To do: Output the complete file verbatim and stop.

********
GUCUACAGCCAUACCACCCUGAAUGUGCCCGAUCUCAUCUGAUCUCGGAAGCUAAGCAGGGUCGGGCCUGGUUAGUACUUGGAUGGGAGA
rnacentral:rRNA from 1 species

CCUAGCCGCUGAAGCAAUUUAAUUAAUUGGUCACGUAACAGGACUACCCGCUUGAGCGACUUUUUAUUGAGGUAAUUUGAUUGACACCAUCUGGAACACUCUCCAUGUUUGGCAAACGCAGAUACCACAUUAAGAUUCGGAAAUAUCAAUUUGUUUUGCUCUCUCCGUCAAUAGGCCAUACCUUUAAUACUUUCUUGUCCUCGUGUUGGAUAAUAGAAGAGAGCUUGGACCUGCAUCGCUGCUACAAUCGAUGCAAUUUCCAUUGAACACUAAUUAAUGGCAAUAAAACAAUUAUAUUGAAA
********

GUCUACAGCCAUACCACCCUGAAUGUGCCCGAUCUCAUCUGAUCUCGGAAGCUAAGCAGGGUCGGGCCUGGUUAGUACUUGGAUGGGAGA
rnacentral:rRNA from 1 species

CCUAGCCGCUGAAGCAAUUUAAUUAAUUGGUCACGUAACAGGACUACCCGCUUGAGCGACUUUUUAUUGAGGUAAUUUGAUUGACACCAUCUGGAACACUCUCCAUGUUUGGCAAACGCAGAUACCACAUUAAGAUUCGGAAAUAUCAAUUUGUUUUGCUCUCUCCGUCAAUAGGCCAUACCUUUAAUACUUUCUUGUCCUCGUGUUGGAUAAUAGAAGAGAGCUUGGACCUGCAUCGCUGCUACAAUCGAUGCAAUUUCCAUUGAACACUAAUUAAUGGCAAUAAAACAAUUAUAUUGAAA